And as we say in Holland; "you do your name proud", i'm definitely going to try to manually load System.Management.dll into the assembly, because that one that contains all the mountpoint info i need. The unsafe status is not an issue here, because the DB it's being used in is my own SqlManagement DB, so i'm the only user of it.

    As for the suggestion of 'single treadedness', i can confirm that. If i run 2 console apps at the same time they both take much longer to complete.

    When i cut down all my console apps / processes accessing Win32_Volume to just ONE at a time, i got much better runtimes.

    That being said, i still have at random interval much longer runtimes. Which is probably my (single) console app or process interfering with SCOM which is probable also trying to use the same system.management.dll.

    Knowing this, i'm rebuilding my stored proc that is called by all sorts of code in my management tool on demand, to a process that runs once a minute that updates a table using Win32_Volume that all other processes can access at will, thus cutting down the chances of hitting a busy Win32_Volume thread :-)

    And if for some reason the System.Management.dll in my CLR project does not work, your other suggestion of just calling the 6 KB console app from xp_cmdshell, is the next best thing. I think padded columns is the easiest: just a 7 substrings per returned row.

    Somthing like this:

    Select
    cast(substring(outputstring, 1,25) as bigint) as var1,
    cast(substring(outputstring,26,25) as bigint) as var2,
    ..etc..
    from xpCmdShellOutput

    Once i've tested all of the above options and the chosen one it is stable on my most challenging prod environment (3 way stretched cluster with 7 instances per node with 139 mountpoints) i will post my source code here for anyone else struggeling with this scale / stability problem.

    Thanks again Solomon, and if we ever do meet in the flesh, i will most definitely buy you a drink :-D
    Solomon Rutzky
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    Theo Ekelmans (2/27/2015)
    Hell yeah Solomon, that helped indeed!!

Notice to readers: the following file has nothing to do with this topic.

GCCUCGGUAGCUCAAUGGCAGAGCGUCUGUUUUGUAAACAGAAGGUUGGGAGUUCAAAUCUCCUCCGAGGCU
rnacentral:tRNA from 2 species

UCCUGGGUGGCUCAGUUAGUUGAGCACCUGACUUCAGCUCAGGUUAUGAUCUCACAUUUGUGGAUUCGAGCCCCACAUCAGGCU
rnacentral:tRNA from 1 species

And as we say in Holland; "you do your name proud", i'm definitely going to try to manually load System.Management.dll into the assembly, because that one that contains all the mountpoint info i need. The unsafe status is not an issue here, because the DB it's being used in is my own SqlManagement DB, so i'm the only user of it.

    As for the suggestion of 'single treadedness', i can confirm that. If i run 2 console apps at the same time they both take much longer to complete.

    When i cut down all my console apps / processes accessing Win32_Volume to just ONE at a time, i got much better runtimes.


    Thanks :-). But honestly, I was only speaking in terms of SQL Server's CLR host / SQLCLR in terms of thread-safety issues. There is a single App Domain used for all sessions / SPIDs accessing a particular Assemby in SQL Server so static, class-level variables are shared among them. Console apps and Windows apps use a separate App Domain per each instance of those apps so static, class-level variables are not shared across users / processes / instances of the app. So, I was just warning that IF your code could be called by more than one Session at a time, that could certainly be prone to error, though not guaranteed to be a problem (hence the additional testing needed).

    Again, the main concern for loading System.Management.dll is, even if it loads now, Microsoft can change it to a mixed (MSIL and C++) assembly, making it unloadable into SQL Server, which means you would have to scrap this particular SQLCLR code. Of course, that day may never come, but it is a risk to factor into any decision making process.

    Regarding the xp_cmdshell idea: I generally use SQLCLR as a means of avoiding xp_cmdshell, but in this particular case it does remove that risk of System.Management.dll potentially not working in the future.

    Also, while doing 7 substrings should work every time, there is always a chance of something going wrong with text parsing. Using XML as the format at least removes one point of failure from the process. Slightly bulkier, but a lot more reliable / less brittle.

    Thanks again Solomon, and if we ever do meet in the flesh, i will most definitely buy you a drink :-D


    No problem. Glad I could help and I appreciate the offer :-D.

    Take care, solomon...

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    Theo, I just found something that might help.

    Is it safe to say that you are only checking mount points where you currently have data and/or log files? These are the ones that you need to know if they are running out of space, right? As opposed to ALL mount points?

    If just the ones that have DB files on them, check out the sys.dm_os_volume_stats DMV (introduced in SQL Server 2008 R2).